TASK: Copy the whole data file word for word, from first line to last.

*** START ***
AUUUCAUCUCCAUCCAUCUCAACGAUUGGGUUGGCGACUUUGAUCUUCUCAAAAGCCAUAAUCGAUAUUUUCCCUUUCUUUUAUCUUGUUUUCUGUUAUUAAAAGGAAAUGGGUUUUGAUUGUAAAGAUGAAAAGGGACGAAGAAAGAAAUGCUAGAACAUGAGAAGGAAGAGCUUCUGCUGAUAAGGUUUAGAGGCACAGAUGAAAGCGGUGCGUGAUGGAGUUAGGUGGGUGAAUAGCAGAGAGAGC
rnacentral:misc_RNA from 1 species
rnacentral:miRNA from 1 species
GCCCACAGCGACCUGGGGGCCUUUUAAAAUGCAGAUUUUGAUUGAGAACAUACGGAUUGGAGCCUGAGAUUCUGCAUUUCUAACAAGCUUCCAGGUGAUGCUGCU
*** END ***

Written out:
AUUUCAUCUCCAUCCAUCUCAACGAUUGGGUUGGCGACUUUGAUCUUCUCAAAAGCCAUAAUCGAUAUUUUCCCUUUCUUUUAUCUUGUUUUCUGUUAUUAAAAGGAAAUGGGUUUUGAUUGUAAAGAUGAAAAGGGACGAAGAAAGAAAUGCUAGAACAUGAGAAGGAAGAGCUUCUGCUGAUAAGGUUUAGAGGCACAGAUGAAAGCGGUGCGUGAUGGAGUUAGGUGGGUGAAUAGCAGAGAGAGC
rnacentral:misc_RNA from 1 species
rnacentral:miRNA from 1 species
GCCCACAGCGACCUGGGGGCCUUUUAAAAUGCAGAUUUUGAUUGAGAACAUACGGAUUGGAGCCUGAGAUUCUGCAUUUCUAACAAGCUUCCAGGUGAUGCUGCU